Paying for news stories – is it ever ethical?

There’s no doubt about it; the journalism industry has to reinvent itself to remain viable in a world where the old model of advertising-supported content is unlikely to work. But where should news organizations draw the line?

In Oklahoma, stations KOTV and KWTV are both running stories within their newscasts about a state-sponsored insurance program and getting paid by the state to do it.  According to the Tulsa Word, the stations’ parent company, Griffin Communications, will be paid $3.1 million for marketing “Insure Oklahoma.” 

Griffin’s CEO says the company is not “selling the news,”  and Ron Harig, KOTV news director, says that when the stories are aired, “a disclaimer is read following the segment to inform people that Griffin is the sponsor.”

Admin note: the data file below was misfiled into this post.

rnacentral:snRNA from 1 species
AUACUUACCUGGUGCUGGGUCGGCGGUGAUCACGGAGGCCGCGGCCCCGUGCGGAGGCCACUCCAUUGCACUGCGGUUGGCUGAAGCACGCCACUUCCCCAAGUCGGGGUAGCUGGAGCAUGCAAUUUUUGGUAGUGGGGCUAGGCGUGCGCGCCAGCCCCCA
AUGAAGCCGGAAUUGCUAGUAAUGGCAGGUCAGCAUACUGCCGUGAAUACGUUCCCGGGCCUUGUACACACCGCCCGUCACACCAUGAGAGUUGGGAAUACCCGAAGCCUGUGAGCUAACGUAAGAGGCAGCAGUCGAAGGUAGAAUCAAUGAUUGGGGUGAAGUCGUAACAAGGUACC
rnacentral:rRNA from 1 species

But take a look at some of the actual stories.   Do you think they are doing enough to inform viewers that this is paid content?  For example, check out the anchor intro for one piece:

Oklahoma small business owners love what they’re hearing about Insure Oklahoma when it comes to providing health insurance.  Spokesperson Angela Buckelew tells us this morning two dreams will now come true.

That hardly sounds like objective news reporting – and what exactly is Angela Buckelew a spokesperson for?  The stories themselves air without any visual disclaimer on any of the video, supers, etc., which seems to go against RTNDA guidelines for what is essentially a video news release.  In addition, the reporter on the stories used to work for one of the stations airing the segments, so she most likely looks like part of the news team for many viewers.

But, is there a way these stories could air within the newscast without raising ethical concerns?  What if the content was aired between commercial breaks, with no on-air introduction by the news anchors?  Are there other options?

It’s clear that news organizations have to find other ways to make money – and that’s going to mean that journalists will need to have more discussions than ever before about what constitutes the ethical dissemination of information.  I just don’t think this qualifies.

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